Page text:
So last week I opened this little year-long enviro-project with a really easy enviornmental step that most of you should already be doing - reusable cloth shopping bags. Cheap, easy and the only real hurdle is remembering the damned things. It just takes time and repetition. How'd you do with it? If you have any desire to crochet one of your own try here. I've made maybe a dozen for friends and family.
This week I'm going for another one that I think is easy, but that might be a bit more of a challenge for the habituated: Paper Towels.
If you want lots of facts about the paper industry and it's impact on the Earth, go to: http://www.id2.ca/downloads/eco-design-paper-facts.pdf I'm not going to go into all the technical details here, but common sense tells us that paper towels are made of paper (ergo wood, or trees - and mostly not recycled), are used once and discarded. They are wasteful. And I used to use them like they grew on ... well, you know what I mean. I was an offender.
When I'm making environmental changes in our home, I always consider what people did before (and often I think of what my grandmother did - even after we had the conveniences). What did people do before there were disposable shopping bags? Baskets, bags (my grandmother ALWAYS had a bag in her purse). What did people do before there were paper towels? (Well, my grandmother used paper towels, but she also re-used them and hung them on the line to dry).
This "what did people do before" question is easy - cloth. You already have them. Cloths. And towels. And old cloths and towels. And scraps of absorbant fabric. Old T-shirts, underwear, cloth diapers, receiving blankets. RAGS - my mother and my grandmother had "rag bags" - where old rags were stored for just such an occasion (Mom ... do you still have a rag bag?). You really don't NEED to use paper towels all the time ... or at all.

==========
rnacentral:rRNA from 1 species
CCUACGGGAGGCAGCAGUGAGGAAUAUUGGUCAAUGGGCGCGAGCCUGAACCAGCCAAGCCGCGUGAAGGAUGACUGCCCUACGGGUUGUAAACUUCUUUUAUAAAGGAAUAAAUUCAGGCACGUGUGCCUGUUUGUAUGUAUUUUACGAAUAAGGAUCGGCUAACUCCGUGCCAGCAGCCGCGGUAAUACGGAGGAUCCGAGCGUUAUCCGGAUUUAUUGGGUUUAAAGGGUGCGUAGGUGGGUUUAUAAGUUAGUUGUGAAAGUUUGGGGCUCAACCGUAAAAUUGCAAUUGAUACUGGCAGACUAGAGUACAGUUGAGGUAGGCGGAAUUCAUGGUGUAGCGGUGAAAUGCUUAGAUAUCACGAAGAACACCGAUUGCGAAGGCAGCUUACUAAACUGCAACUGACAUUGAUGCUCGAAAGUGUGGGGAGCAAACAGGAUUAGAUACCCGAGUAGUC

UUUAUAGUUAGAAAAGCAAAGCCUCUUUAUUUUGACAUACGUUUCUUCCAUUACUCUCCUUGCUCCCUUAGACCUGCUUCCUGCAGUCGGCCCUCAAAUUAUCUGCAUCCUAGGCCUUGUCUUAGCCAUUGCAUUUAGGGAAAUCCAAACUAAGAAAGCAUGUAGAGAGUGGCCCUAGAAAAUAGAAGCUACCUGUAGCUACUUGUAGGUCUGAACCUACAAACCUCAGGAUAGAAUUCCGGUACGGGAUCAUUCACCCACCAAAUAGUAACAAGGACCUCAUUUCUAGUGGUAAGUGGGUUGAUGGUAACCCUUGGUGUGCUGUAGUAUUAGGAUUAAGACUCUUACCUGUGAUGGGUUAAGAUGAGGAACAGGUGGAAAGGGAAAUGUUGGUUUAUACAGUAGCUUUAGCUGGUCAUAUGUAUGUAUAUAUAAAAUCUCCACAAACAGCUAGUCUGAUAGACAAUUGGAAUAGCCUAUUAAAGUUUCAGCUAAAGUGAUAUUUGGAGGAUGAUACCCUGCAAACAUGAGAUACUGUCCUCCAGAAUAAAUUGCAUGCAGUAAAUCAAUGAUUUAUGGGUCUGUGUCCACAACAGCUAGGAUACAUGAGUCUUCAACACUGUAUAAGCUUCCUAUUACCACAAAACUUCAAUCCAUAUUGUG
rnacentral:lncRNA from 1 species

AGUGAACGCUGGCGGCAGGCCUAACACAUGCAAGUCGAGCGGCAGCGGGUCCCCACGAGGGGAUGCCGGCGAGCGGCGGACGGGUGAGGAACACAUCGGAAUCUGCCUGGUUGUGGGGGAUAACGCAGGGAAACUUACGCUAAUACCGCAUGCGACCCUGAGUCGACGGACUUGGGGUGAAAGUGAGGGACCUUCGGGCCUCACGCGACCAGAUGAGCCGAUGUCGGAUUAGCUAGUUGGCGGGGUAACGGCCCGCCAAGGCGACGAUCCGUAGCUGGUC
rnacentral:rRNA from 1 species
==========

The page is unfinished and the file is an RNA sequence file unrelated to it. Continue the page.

Yes, your towels and cloths get dirty. So what??? What does it matter if it's stained or not. Still works, right?
And, yes, they will wear out sooner than they would have if you continued with the paper version, but you still are producing less waste then when you use paper towels.
Paper towels are simply a convenience item. They are not necessary. We do not need them.
Now, as a disclaimer in case you come to my house and inspect under my sink, there are times when I still use paper towels. For instance, if the cat vomits on the floor, I'd rather not clean it with a cloth although sometimes I do. But in the past several years I doubt if we've gone through a roll a year. I did buy more when we were re-doing the kitchen floor. Can't remember why, but I was using them for something and it seemed better to get that on paper towels than cloth. However, I don't think I'll ever buy more. Because we really don't need them.
The very easiest way to stop using them --- stop BUYING them. If you don't have any, you'll HAVE to figure something else out. And no, using kleenex in lieu is not an option.
If you've already abandoned the use of paper towels and would like some reading to do (yeah, right, like you're going to do the homework I asign!), go to http://www.earth-policy.org/images/uploads/book_files/pb4book.pdf and read at least the introduction. I read it yesterday, and it is a great outline of what is happening in the world and how we might fix things.